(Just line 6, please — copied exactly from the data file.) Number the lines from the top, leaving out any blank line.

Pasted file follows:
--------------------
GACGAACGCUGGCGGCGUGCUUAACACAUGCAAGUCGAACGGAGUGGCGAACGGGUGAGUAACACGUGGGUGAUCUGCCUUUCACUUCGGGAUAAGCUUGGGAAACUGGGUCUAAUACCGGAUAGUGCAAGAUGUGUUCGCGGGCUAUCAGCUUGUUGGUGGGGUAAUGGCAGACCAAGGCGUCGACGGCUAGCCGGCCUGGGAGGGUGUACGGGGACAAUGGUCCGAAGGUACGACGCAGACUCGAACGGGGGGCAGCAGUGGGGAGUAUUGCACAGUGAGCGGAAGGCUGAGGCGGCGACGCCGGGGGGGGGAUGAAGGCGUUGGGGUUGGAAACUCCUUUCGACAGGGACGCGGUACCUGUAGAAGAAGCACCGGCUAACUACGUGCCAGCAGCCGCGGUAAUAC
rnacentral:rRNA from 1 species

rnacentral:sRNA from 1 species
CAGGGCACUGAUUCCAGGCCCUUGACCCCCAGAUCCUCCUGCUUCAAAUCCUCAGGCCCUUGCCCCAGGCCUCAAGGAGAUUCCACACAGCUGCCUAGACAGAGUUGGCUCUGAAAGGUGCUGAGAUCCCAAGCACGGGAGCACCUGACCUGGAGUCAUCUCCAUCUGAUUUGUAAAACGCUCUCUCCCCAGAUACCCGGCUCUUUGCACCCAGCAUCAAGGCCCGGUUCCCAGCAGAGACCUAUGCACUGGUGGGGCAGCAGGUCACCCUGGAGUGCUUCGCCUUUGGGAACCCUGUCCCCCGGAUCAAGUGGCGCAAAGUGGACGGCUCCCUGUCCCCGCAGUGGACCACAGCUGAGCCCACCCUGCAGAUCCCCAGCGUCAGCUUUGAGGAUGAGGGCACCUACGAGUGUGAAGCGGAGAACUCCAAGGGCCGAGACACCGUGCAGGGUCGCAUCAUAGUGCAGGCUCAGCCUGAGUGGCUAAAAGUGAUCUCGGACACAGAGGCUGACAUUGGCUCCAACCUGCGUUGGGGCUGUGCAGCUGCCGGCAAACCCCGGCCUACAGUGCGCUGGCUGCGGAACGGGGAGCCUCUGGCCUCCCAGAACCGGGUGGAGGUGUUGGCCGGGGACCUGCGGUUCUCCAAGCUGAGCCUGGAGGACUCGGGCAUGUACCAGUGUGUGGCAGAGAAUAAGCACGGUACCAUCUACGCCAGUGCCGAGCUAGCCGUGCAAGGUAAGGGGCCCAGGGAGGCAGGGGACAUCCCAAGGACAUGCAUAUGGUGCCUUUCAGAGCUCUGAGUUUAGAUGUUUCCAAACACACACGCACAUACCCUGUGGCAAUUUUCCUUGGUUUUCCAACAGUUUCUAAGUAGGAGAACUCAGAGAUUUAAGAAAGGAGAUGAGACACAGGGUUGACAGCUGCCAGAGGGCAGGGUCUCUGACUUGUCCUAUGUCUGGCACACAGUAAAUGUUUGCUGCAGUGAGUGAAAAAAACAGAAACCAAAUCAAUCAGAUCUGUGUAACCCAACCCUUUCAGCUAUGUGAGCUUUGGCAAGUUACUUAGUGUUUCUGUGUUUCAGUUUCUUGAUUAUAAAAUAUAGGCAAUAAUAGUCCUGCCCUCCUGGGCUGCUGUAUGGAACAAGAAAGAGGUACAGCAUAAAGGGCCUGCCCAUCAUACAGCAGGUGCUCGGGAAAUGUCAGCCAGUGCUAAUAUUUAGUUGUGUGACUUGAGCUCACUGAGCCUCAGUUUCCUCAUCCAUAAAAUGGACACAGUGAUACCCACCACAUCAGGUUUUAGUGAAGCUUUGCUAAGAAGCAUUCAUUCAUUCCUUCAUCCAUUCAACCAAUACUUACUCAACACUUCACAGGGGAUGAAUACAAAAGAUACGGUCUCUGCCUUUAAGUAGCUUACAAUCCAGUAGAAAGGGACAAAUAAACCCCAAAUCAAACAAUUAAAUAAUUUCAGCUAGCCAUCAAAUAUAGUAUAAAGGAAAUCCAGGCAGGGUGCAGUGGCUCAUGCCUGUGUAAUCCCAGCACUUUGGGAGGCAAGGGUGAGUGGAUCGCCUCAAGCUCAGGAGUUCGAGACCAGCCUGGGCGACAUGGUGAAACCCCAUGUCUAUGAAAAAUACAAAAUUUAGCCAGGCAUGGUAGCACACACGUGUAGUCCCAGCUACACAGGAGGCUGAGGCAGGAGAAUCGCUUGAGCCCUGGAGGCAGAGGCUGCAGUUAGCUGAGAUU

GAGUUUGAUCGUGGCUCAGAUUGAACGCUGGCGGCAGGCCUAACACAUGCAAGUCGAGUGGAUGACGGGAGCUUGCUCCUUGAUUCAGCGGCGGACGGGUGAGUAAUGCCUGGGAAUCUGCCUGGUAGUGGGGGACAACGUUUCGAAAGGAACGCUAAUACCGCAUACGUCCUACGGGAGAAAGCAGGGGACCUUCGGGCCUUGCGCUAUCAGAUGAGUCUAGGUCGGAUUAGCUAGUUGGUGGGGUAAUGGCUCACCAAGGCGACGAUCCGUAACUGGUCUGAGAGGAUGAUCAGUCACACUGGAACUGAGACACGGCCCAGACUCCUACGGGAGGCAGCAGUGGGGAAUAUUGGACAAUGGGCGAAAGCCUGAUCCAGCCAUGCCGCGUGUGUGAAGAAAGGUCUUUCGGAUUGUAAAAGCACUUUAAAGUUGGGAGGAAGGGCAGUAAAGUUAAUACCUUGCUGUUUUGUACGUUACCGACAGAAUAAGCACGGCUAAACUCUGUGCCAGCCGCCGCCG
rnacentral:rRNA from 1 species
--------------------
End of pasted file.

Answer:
rnacentral:rRNA from 1 species